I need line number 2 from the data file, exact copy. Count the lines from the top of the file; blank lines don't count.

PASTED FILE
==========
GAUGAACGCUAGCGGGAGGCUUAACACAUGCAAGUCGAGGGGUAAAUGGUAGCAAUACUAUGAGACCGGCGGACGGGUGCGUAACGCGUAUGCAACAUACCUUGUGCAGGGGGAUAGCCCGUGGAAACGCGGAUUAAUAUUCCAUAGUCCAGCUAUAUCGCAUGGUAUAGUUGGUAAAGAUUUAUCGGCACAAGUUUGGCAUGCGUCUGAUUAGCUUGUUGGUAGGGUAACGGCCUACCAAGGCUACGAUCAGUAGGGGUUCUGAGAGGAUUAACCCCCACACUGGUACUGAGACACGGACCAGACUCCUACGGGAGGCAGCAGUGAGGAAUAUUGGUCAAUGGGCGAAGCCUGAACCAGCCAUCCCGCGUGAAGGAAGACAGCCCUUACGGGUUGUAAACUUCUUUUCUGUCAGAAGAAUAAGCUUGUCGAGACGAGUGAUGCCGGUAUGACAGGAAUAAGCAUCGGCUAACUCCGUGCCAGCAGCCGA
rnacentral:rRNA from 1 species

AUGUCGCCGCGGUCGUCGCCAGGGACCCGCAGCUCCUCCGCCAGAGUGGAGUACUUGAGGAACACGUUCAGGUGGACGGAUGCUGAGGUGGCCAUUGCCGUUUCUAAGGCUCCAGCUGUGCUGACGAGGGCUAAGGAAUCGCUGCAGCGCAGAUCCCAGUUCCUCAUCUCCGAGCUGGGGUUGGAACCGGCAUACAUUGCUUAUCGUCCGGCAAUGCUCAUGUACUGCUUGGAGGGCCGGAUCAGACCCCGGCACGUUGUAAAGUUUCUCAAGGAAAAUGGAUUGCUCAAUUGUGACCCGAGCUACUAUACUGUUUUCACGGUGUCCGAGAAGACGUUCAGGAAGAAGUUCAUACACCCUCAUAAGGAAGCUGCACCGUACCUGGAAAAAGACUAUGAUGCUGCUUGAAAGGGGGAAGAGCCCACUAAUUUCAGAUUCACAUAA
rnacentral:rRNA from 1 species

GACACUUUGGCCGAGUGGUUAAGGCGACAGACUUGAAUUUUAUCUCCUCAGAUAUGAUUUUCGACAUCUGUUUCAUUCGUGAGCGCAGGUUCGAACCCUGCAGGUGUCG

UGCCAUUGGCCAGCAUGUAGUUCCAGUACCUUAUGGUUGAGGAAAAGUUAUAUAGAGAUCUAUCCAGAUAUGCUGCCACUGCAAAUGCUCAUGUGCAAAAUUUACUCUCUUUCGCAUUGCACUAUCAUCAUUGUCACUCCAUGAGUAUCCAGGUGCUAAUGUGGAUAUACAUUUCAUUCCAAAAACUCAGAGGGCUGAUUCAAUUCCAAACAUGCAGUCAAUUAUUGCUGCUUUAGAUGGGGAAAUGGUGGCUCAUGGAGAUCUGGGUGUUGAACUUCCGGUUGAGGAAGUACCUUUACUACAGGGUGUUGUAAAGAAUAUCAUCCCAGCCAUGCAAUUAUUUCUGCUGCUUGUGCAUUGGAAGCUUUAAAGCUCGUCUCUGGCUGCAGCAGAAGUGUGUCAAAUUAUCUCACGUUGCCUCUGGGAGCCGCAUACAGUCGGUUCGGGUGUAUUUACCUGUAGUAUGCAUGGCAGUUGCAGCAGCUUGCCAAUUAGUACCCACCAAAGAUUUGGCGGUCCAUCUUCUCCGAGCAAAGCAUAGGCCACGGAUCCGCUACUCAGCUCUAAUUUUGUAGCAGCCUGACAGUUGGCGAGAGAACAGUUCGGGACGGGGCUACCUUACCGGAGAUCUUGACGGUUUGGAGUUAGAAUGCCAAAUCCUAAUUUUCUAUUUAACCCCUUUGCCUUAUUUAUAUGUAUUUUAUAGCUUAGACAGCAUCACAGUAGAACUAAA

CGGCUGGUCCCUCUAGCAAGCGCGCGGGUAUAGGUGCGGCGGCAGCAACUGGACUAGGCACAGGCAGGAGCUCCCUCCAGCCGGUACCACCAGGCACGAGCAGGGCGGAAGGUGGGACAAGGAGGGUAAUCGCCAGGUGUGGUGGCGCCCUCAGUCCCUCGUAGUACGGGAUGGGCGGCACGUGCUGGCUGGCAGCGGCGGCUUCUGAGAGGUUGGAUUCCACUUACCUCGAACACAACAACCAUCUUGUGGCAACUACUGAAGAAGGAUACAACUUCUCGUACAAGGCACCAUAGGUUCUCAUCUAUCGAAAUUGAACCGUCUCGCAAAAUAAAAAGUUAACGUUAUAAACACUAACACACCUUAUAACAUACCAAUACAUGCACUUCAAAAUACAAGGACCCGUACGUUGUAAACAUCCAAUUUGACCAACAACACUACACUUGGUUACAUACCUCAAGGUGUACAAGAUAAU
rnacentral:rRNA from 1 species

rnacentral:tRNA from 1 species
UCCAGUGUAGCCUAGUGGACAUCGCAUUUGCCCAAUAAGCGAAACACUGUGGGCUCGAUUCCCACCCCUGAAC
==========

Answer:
rnacentral:rRNA from 1 species